ZFAA is honored to have Michael come down to Baruch College once again to help inform students and help them create a mental picture if a career in forensic accounting is one for them.
By Anthony Policastro, Edited by Serena Law
In the midst of a snowy winter’s day–January 31st 2017, the Zicklin Forensic Accounting Association held its semi-annual General Interest Meeting for the Spring 2017 semester. The intimate gathering brought hopeful students who were eager to learn more about ZFAA and the forensic accounting field.
The meeting commenced with a game that allowed all the attendees–newcomers and seasoned members of the association, better familiarize themselves and learn fun and interesting facts about one another. The room was filled with a diverse set of people, each with their own unique skillsets and backgrounds. Some individuals had the experience and privilege of riding elephants and visiting different continents. Others had the ability to speak multiple languages, play instruments, and trapeze! The blue yarn that passed through every individual’s hands demonstrates the influence of communication and the connection and meaningful experiences ZFAA hoped to provide every member.
The ice breaker was followed by a presentation that revealed to new students the typical day of a forensic accountant; the opportunities in investigative auditing, as well as the open positions in ZFAA–which to be filled in the upcoming election. Those who attended were then able to mingle with the board members and have their additional questions answered.
The Zicklin Forensic Accounting Association looks forward to the upcoming semester and the events and opportunities it can provide the Baruch community!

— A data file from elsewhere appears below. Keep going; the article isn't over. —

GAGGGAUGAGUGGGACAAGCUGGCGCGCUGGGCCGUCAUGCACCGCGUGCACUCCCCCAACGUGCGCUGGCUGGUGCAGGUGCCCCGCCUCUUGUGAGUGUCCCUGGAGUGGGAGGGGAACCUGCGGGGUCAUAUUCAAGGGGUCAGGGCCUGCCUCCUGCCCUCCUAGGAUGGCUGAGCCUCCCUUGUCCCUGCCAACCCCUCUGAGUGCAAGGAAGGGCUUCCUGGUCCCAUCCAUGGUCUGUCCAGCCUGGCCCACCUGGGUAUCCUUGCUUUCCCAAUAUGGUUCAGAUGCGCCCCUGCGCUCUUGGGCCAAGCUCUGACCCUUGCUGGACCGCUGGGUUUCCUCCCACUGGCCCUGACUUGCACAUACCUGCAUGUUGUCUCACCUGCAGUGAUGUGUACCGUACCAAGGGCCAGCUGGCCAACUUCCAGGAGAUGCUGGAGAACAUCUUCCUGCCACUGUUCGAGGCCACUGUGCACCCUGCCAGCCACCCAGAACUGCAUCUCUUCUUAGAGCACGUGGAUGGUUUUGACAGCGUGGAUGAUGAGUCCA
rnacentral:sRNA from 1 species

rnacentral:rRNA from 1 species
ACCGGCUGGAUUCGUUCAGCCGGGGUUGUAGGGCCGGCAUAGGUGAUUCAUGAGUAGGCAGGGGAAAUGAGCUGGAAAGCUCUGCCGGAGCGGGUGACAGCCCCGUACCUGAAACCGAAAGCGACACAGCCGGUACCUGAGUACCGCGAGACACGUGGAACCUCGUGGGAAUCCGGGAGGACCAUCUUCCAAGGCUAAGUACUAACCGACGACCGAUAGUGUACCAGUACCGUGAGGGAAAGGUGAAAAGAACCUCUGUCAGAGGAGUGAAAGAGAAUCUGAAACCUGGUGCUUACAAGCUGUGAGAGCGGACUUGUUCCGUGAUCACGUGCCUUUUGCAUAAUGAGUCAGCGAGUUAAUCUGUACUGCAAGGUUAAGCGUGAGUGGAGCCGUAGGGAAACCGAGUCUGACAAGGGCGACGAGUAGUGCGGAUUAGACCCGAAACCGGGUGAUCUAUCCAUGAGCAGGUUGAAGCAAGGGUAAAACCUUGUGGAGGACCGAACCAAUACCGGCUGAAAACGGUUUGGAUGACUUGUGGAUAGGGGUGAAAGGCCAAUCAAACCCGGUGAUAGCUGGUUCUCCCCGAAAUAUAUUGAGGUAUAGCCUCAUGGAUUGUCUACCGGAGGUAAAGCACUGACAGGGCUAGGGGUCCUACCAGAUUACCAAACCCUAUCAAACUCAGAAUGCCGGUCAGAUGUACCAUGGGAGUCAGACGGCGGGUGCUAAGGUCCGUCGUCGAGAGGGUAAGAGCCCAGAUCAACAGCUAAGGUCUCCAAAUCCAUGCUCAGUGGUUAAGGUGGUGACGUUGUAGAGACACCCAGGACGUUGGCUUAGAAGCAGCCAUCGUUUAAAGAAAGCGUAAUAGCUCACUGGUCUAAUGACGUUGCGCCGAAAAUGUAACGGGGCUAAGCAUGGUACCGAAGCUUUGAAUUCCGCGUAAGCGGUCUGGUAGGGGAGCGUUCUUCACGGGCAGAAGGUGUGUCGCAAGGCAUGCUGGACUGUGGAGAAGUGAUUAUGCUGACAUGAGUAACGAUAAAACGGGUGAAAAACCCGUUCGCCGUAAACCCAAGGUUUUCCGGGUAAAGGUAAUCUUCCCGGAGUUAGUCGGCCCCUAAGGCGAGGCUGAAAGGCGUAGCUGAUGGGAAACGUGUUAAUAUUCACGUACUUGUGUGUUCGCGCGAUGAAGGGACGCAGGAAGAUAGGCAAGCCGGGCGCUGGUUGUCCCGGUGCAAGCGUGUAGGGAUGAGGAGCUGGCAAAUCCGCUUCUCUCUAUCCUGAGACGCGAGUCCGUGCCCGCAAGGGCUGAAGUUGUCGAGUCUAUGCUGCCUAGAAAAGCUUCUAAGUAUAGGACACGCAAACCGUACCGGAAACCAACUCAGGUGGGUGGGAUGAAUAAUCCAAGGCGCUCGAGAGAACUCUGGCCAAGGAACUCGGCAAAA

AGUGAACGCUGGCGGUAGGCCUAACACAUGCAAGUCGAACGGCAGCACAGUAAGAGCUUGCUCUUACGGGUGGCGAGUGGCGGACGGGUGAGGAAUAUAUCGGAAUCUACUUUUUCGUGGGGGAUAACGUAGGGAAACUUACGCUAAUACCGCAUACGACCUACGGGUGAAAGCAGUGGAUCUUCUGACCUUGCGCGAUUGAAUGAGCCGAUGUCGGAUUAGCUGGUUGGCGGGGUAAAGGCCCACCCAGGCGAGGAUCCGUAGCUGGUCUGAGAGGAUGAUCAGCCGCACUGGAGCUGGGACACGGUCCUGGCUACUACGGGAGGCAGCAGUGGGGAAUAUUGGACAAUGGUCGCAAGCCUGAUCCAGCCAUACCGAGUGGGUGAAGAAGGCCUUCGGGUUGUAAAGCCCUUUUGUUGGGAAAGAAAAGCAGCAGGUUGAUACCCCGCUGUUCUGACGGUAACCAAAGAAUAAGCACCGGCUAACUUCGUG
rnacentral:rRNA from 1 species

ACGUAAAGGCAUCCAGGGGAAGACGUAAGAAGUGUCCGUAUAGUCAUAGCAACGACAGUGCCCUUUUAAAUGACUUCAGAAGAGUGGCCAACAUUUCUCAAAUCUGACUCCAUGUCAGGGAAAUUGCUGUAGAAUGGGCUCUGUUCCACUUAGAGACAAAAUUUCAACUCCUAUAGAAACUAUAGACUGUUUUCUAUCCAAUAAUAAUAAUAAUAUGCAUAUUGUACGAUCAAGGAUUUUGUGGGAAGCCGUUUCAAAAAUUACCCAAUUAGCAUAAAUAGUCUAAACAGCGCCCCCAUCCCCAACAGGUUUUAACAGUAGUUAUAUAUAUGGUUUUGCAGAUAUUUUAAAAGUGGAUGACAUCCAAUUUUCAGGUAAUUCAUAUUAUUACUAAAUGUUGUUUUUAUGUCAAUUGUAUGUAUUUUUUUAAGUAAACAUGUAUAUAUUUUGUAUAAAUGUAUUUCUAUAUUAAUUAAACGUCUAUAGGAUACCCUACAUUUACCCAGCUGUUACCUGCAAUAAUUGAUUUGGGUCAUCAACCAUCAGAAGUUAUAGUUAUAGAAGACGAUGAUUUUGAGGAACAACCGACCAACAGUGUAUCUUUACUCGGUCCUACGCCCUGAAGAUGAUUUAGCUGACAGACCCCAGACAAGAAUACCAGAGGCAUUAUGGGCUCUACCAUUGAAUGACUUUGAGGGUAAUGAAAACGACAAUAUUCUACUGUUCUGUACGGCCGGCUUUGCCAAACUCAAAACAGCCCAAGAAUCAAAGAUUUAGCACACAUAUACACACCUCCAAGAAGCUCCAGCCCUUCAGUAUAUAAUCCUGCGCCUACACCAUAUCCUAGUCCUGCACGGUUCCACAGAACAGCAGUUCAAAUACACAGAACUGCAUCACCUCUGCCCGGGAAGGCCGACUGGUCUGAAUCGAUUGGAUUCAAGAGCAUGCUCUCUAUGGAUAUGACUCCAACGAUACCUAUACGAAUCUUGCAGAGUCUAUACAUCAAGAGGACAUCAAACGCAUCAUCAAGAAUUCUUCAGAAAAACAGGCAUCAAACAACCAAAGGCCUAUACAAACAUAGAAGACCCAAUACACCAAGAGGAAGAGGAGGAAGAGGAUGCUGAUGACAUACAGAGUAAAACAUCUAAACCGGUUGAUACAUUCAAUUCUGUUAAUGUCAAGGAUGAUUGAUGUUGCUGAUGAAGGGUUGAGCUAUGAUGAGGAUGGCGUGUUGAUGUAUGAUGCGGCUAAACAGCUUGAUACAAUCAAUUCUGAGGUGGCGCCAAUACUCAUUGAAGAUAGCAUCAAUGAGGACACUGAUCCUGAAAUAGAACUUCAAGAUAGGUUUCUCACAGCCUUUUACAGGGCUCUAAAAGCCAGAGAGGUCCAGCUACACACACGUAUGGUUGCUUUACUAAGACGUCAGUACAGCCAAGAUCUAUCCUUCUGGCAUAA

Justyna Maj, edited by Serena Law
It was a night filled with fun, food, and networking–a night to be remembered. On December 2nd, the Zicklin Forensic Accounting Association (ZFAA) and several graduate organizations hosted the 2nd Annual Alumni Night. It was a success thanks to the collaboration and team efforts put in by the Zicklin Graduate Tax Society, Zicklin Women in Business, Zicklin Graduate Accounting Society, Graduate Student Assembly, and Graduate Beta Alpha Psi. The event was a bustling affair where new connections formed and old companions were brought together in one venue.
The event started with introductions by Michelle Peng, the president of ZFAA; Sarah Goldman, from Zicklin Women in Business and Ron Jones and Hannah Yoo from Zicklin Graduate Accounting Society. Each of them showed their appreciation toward the students and professionals who chose to spend their Friday evening attending the intricately-planned event. They were impressed with the attendee turnout and hoped that this tradition of older and younger Bearcats meeting in a fun environment would continue and flourish. Michelle noted that one of the factors that drove her to make this semi-annual alumni event a bigger success than last semester’s was her desire to make networking easier, more fun, and even more meaningful between students and professionals. She believes that networking shouldn’t be stressful, but instead, should come easily. She fondly recalled the lasting connections she made from last year’s event, where some alumni continued to spend time with students even after the affair’s conclusion.
The welcome speeches made by the club executives were then followed by brief self-introductions made by the professionals. Each individual presented unique facts about themselves, and it was easy to see how their diverse experiences and backgrounds add to Baruch’s rich culture and reputation. Some individuals went to universities in their home countries, as others noted the sharp difference between their undergraduate and graduate degrees. The ice breaker–which was black-out bingo based on individual backgrounds, hobbies, and likes and dislikes, allowed individuals to easily introduce themselves and find common conversation topics. Some people never watched Game of Thrones; others traveled to more than ten countries. One individual graduated with a focus on dance and moved to business for their post-graduate degree.
The companies Baruch graduates came from varied, from organizations like the Big Four (Deloitte, KPMG, EY, and PwC) to companies that specialized in research, analytics, and marketing. Some of the professionals who attended invited other former Baruch students, and their addition made the night an even more festive occasion. Around the room, students asked alumni questions–ranging from inquiries about company expectations and requirements to advice about school, life, and career.